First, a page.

MSI WindPad 100W Review - Specifications, Performance and Connectivity Review

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So far then, we haven’t been particularly impressed with the
design of the MSI WindPad 100W. But we’re willing to put up with an ugly
exterior if there’s enough beauty under the hood. Unfortunately, the Windpad
falls down here too.


 


The WindPad’s processor is one of Intel’s Atoms –
specifically the single-core, 1.6GHz Z530. This CPU is quite simply not up to
providing a smooth Windows experience for any but the lightest workloads, and as
soon as you have a few windows open you’ll start to notice lag. To be fair
though, if all you’re doing is working on a word document while browsing the
web and checking your emails, everything will run just fine.




Graphics are handled by Intel’s integrated GMA500 solution,
meaning that even where the CPU can cope, all but the least demanding 3D games
will be unplayable. On the other hand, when using compatible media players the
GMA500 does allow silky 1080p video and Flash video playback, with the latter being
a tangible advantage over Apple’s iPad and iPad2.


 


Thankfully, MSI has backed its somewhat underpowered CPU choice
with 2GB of DDR2 memory (far more than most netbooks, with even the recent Toshiba NB550d only offering 1GB) and a generous 32GB SSD. Just keep in mind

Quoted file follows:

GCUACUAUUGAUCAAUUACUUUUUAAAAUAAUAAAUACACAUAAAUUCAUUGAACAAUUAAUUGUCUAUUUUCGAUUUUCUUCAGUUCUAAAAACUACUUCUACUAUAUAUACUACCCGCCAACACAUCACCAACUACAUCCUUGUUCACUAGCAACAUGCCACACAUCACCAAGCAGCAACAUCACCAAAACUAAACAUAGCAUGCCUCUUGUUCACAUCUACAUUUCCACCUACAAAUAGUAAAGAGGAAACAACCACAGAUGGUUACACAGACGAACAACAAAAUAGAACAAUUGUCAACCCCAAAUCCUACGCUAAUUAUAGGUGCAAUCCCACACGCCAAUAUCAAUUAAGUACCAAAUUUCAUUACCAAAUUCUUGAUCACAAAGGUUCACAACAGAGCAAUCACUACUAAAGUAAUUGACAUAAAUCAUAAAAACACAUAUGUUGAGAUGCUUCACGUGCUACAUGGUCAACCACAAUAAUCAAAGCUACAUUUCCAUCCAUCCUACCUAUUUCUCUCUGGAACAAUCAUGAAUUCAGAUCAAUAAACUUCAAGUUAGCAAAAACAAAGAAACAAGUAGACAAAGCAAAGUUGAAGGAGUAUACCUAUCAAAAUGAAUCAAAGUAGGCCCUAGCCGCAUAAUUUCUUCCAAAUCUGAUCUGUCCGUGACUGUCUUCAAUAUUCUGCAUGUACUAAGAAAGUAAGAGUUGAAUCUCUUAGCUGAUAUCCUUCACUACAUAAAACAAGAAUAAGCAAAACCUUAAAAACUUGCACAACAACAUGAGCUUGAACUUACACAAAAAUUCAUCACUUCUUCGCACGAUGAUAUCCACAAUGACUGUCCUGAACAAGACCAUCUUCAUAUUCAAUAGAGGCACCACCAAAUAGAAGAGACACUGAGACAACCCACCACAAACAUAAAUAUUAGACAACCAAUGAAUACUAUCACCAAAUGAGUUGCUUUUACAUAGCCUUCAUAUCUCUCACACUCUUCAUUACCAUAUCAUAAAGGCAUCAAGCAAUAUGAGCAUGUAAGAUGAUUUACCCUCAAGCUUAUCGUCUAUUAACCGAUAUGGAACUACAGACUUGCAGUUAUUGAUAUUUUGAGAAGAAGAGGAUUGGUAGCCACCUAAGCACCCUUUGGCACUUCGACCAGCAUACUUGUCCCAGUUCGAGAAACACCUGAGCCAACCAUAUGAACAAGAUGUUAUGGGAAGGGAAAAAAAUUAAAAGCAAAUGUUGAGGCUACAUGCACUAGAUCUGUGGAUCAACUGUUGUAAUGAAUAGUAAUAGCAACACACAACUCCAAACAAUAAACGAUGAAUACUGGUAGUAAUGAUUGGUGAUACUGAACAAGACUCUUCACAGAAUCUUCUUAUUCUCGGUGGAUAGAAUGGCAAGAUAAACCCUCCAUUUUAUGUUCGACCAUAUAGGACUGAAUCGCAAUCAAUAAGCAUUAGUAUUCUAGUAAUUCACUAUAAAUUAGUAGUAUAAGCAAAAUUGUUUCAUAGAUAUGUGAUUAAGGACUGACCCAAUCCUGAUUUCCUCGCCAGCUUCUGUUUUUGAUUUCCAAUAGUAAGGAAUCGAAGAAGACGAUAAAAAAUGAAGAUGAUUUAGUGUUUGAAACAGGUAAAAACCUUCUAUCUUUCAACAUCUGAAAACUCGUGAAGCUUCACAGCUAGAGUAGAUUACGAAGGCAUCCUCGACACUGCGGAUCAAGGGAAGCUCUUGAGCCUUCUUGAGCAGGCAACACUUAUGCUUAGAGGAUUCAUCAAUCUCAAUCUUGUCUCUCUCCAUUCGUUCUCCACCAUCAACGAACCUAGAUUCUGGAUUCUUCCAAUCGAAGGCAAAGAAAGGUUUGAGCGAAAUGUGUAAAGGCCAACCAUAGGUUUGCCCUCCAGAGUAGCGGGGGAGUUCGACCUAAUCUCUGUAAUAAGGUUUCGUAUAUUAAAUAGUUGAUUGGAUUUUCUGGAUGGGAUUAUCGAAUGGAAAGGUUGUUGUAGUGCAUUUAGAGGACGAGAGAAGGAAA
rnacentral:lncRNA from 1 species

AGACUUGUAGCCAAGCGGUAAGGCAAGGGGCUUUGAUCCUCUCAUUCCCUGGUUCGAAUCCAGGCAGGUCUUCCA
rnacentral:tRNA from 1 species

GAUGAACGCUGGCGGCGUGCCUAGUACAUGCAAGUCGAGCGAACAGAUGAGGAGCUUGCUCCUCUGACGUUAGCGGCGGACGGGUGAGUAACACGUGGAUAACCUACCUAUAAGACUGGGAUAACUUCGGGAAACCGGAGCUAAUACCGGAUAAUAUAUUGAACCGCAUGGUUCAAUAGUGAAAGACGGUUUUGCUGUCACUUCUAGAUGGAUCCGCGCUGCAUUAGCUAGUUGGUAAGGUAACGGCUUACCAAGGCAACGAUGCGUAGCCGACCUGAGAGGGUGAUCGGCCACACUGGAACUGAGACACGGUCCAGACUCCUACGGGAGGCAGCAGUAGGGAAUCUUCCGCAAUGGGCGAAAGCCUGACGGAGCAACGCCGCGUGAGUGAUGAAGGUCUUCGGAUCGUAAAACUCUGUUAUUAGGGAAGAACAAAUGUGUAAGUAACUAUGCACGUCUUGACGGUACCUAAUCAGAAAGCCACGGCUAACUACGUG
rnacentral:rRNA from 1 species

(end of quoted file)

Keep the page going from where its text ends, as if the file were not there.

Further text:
that Windows will use a lot more of it than Android would, leaving you with
less usable space (around 13GB).




Another positive difference to the average netbook is that
MSI provides a full version of Windows 7 Home Premium 32-bit, rather than the
Starter edition. On the wireless front it
offers both Wi-Fi N and Bluetooth 2.1. There’s a SIM card slot suggesting the
presence of 3G, but actually the tablet doesn’t have a 3G module and – as we
discovered the hard way – putting a card in this slot will result in it falling
into the WindPad’s innards (at least we discovered it’s quite easy to prize the WindPad 100W apart and get to its guts). It would be nice if MSI put a little warning
sticker on this slot for those too impatient to read through the manual.


 


Other touches that set this device above your average
netbook are a brightness sensor which controls screen brightness automatically
depending on ambient light, and dual 1.3 megapixel webcams (one at the front
and one at the back) for video calling and augmented reality applications.


 


Connectivity is also quite good. On the tablet’s left we
have audio and video outputs in the shape of a 3.5mm headphone jack and mini
HDMI connector, which should (in theory, at least) let you output 1,080p to an
external display. There’s also a full-size SD card reader, which offers cheaper
expandable memory than the Micro-SD slots on many tablets, and will let you
plug your camera’s cards directly into the device.


 


In a nice touch, MSI has included physical Wi-Fi and
Bluetooth buttons, which join the slightly recessed power button at the
device’s top. On the right you’ll find a single USB 2.0 port, which lets you
hook up anything from memory sticks to peripherals. These are significant
advantages compared to either iPad, but whether they will be enough to make a
difference will depend on the rest of the WindPad 100W.

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